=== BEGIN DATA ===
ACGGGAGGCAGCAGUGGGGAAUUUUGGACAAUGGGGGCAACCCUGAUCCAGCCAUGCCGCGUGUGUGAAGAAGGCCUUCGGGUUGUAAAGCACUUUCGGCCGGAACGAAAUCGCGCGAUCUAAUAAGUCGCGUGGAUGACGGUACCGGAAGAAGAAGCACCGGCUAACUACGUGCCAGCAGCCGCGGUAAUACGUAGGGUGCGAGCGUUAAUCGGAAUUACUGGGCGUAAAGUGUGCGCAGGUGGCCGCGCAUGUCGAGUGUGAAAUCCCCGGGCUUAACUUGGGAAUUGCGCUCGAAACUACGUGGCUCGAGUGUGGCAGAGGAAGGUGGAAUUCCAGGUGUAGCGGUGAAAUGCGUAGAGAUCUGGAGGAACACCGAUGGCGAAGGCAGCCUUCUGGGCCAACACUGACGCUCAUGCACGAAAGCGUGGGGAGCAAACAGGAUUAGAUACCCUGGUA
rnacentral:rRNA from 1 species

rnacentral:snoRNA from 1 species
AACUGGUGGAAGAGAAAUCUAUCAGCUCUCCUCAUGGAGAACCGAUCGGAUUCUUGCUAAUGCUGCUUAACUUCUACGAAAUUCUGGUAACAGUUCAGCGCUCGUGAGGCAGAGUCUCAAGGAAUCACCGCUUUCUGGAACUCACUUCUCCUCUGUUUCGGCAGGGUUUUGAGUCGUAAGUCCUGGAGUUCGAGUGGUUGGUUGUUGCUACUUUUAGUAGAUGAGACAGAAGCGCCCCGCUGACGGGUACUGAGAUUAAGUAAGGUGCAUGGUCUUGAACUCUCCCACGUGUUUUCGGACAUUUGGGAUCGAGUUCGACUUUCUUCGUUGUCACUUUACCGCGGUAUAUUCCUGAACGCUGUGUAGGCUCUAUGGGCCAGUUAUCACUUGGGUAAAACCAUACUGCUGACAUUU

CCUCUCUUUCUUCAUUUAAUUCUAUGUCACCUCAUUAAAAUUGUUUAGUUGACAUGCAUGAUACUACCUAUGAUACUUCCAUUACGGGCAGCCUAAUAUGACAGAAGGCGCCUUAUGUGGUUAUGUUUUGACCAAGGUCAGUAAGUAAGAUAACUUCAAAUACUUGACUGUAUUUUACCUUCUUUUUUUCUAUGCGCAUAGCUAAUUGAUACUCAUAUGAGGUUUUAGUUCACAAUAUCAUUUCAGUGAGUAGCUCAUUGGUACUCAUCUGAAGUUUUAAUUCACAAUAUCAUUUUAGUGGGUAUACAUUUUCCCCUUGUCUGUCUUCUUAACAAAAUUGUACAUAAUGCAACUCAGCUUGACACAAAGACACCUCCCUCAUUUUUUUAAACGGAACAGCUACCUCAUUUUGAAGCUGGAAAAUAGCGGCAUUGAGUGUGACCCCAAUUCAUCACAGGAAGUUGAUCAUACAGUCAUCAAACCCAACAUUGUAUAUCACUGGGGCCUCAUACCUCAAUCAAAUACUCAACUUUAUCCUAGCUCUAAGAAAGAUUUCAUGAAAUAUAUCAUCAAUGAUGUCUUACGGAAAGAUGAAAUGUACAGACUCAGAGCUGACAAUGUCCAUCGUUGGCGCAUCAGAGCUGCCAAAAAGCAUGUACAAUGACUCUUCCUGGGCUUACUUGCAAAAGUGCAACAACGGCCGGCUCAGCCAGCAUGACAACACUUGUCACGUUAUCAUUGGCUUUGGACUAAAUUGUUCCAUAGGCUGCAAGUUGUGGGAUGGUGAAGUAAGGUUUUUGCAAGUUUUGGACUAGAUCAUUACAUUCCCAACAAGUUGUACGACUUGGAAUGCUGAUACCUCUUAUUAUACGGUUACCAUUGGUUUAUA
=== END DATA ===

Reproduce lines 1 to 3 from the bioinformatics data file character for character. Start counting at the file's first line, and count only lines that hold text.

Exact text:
ACGGGAGGCAGCAGUGGGGAAUUUUGGACAAUGGGGGCAACCCUGAUCCAGCCAUGCCGCGUGUGUGAAGAAGGCCUUCGGGUUGUAAAGCACUUUCGGCCGGAACGAAAUCGCGCGAUCUAAUAAGUCGCGUGGAUGACGGUACCGGAAGAAGAAGCACCGGCUAACUACGUGCCAGCAGCCGCGGUAAUACGUAGGGUGCGAGCGUUAAUCGGAAUUACUGGGCGUAAAGUGUGCGCAGGUGGCCGCGCAUGUCGAGUGUGAAAUCCCCGGGCUUAACUUGGGAAUUGCGCUCGAAACUACGUGGCUCGAGUGUGGCAGAGGAAGGUGGAAUUCCAGGUGUAGCGGUGAAAUGCGUAGAGAUCUGGAGGAACACCGAUGGCGAAGGCAGCCUUCUGGGCCAACACUGACGCUCAUGCACGAAAGCGUGGGGAGCAAACAGGAUUAGAUACCCUGGUA
rnacentral:rRNA from 1 species

rnacentral:snoRNA from 1 species